What if products and spaces were usable for everyone?  Like a can opener that’s advertised as easy use for someone with arthritis; but anyone can use it?  Or curb cuts, which make sidewalks accessible, but also benefit delivery people using dollies and people pushing baby strollers?  The idea of designing products and spaces so that anyone can use them is known as “universal design”.

Universal design, as defined by the Center for Universal Design (CUD) at North Carolina State University, “is the design of products and environments to be usable by all people, to the greatest extent possible, without the need for adaptation or specialized design”.   More examples include: light switches that are placed slightly lower on a wall, and widened doorways.  While these two modifications make it easier for someone who uses a wheelchair to navigate their environment, these changes are either neutral or even beneficial for someone who doesn’t use a wheelchair. The lowered light switch doesn’t cause any difficulties for someone not using a wheelchair (and makes it where young children can reach the switch too), and widened doorways, in addition to ease of access for someone using a wheelchair, also comes in handy to anyone who is moving furniture in or out of a room.  Levered door handles make it much easier for someone has limited range of motion in their hands to open doors, but also makes it easier for anyone to open a door when their hands are full of grocery bags.  Seven key principles of universal design (as borrowed here from CUD) are:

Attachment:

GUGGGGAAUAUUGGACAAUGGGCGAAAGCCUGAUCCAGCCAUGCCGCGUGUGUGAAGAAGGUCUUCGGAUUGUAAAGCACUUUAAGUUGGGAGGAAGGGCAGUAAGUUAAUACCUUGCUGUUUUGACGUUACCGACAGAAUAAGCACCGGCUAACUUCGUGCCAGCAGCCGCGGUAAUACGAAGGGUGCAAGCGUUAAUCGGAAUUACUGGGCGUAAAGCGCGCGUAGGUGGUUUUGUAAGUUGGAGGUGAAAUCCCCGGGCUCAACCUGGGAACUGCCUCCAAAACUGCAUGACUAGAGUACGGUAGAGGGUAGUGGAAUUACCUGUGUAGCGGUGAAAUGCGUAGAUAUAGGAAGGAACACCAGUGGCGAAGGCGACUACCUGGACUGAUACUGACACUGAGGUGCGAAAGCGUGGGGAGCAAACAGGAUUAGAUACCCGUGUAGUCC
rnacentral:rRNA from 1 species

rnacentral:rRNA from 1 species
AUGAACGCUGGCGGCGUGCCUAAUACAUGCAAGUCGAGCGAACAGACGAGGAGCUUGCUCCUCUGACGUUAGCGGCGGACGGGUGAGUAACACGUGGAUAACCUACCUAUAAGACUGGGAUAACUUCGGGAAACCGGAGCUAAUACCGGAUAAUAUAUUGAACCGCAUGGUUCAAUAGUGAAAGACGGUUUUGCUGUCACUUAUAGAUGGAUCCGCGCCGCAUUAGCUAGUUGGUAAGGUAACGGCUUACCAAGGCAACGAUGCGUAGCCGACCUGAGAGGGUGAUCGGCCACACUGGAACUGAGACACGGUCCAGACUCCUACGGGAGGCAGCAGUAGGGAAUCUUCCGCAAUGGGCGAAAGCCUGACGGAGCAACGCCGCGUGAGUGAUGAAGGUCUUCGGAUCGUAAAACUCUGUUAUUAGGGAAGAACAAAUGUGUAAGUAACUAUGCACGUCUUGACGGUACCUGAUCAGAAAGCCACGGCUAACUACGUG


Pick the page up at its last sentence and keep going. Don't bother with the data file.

Equitable use: The design is useful and marketable to people with diverse abilities.

• Flexibility in use: It accommodates a wide range of preferences and abilities.

• Simple and intuitive: The design is easy-to-understand, regardless of the user’s experience, knowledge or skills.

• Perceptible information: Necessary information is communicated to the user, regardless of sensory limitations

• Tolerance for error: The design minimizes hazards, accidents or unintended actions.

• Low physical effort: It can be used with minimal effort.

• Size and space for approach and use: Regardless of the user’s stature and mobility, the design is appropriate for approach, reach, manipulation and use.

For more information about Universal Design, visit the Center for Universal Design at:  https://www.ncsu.edu/ncsu/design/cud/

For an interesting article about the Universal Design Living Laboratory, visit Contractor magazine at: http://contractormag.com/bathkitchen/universal-design-going-beyond-ada-requirements